STMicroelectronics launches global-shutter image sensors to improve DMS performance

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Semiconductor developer STMicroelectronics has released details of its latest global-shutter image sensors for driver monitoring systems (DMSs).

DMSs continually watch a driver’s head movements to recognize signs of drowsiness and distraction, enabling systems in the vehicle to generate warnings that can preserve the safety of occupants. Traffic agencies estimate that about 95% of road-traffic accidents result from human error, many of which could be avoided using systems such as DMSs.

“Drivers may not realize that they are unsafe to drive due to tiredness or distraction. DMS removes uncertainty by detecting the problem automatically, which protects all occupants as well as others traveling on the road,” said Eric Aussedat, EVP and Imaging Sub-Group GM at STMicroelectronics. “Our latest global-shutter sensors deliver sensitivity and compactness, simplifying DMS hardware and reducing the overall system cost. This enables our customers and partners to deliver high-performing and reliable DMS systems reaching the legislation expectations.”

The company’s VB56G4A global-shutter sensor has leveraged in-house investment in manufacturing of advanced 3D-stacked back-side illuminated (BSI-3D) image sensors. These are more sensitive, smaller and more reliable than conventional front-side illuminated (FSI) sensors typically used in first-generation DMSs.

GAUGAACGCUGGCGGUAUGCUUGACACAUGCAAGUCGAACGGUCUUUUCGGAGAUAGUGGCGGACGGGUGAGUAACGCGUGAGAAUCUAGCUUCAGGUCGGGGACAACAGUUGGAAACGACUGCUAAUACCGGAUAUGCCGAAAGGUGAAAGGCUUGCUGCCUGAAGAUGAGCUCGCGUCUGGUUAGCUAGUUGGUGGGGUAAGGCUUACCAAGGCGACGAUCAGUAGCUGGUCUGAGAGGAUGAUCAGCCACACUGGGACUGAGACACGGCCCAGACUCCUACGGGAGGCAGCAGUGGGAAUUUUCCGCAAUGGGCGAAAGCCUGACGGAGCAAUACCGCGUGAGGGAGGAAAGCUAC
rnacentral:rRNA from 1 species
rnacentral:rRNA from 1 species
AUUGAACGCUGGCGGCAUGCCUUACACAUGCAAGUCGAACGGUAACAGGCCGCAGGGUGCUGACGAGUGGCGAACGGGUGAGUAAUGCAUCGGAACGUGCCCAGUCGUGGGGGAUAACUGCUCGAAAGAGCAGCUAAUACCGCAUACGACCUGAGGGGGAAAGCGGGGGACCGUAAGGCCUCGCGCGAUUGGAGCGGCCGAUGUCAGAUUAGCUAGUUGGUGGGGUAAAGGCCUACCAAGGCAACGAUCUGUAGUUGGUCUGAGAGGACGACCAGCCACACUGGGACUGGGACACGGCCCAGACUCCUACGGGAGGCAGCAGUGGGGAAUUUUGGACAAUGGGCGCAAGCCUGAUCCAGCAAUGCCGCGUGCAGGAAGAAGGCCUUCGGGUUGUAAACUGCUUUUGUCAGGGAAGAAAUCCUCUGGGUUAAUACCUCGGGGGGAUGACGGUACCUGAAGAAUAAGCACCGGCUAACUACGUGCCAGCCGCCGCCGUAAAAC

Global-shutter sensors offer notable advantages over rolling-shutter imagers. By simultaneously exposing all pixels to the image, a global-shutter sensor allows simple synchronization with NIR illumination, improving the illumination-subsystem power budget. Moreover, the sensor achieves high Quantum Efficiency (QE), reaching 24% at 940nm near-infrared wavelength, with linear dynamic range up to 60dB. This enables a simple low-power, non-visible LED emitter to provide adequate illumination for the sensor. Operating outside the visible spectrum also ensures consistent response in day or night driving and in bright or overcast conditions.

The sensor’s high QE, combined with a pixel size of just 2.6µm, helps optimize total power consumption and camera size. In addition, integrated automatic exposure control eases use and simplifies the application-software design by minimizing system interaction with the sensor.

The sensor also provides flexible operating modes that help optimize system features and performance. These include programmable sequences of four-frame contexts, illumination control outputs synchronized with sensor integration periods, an input for an external frame-start signal, automatic dark calibration, dynamic defective-pixel correction, image cropping, and a mirror/flip-image readout.

External connections include eight programmable general-purpose I/O (GPIO) pins and a dual-lane MIPI CSI-2 transmitter interface operating up to 1.5Gbps per lane. The sensor can operate at up to 88 frames per second (fps) at full resolution and typical power consumption is 145mW at 60fps.

ST is supplying samples of its new sensor to lead customers now and mass production is scheduled for the beginning of 2023 for adoption in model year 2024 vehicles.

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Lawrence has been covering engineering subjects – with a focus on motorsport technology – since 2007 and has edited and contributed to a variety of international titles. Currently, he oversees Automotive Powertrain Technology and Professional Motorsport World magazines as editor.

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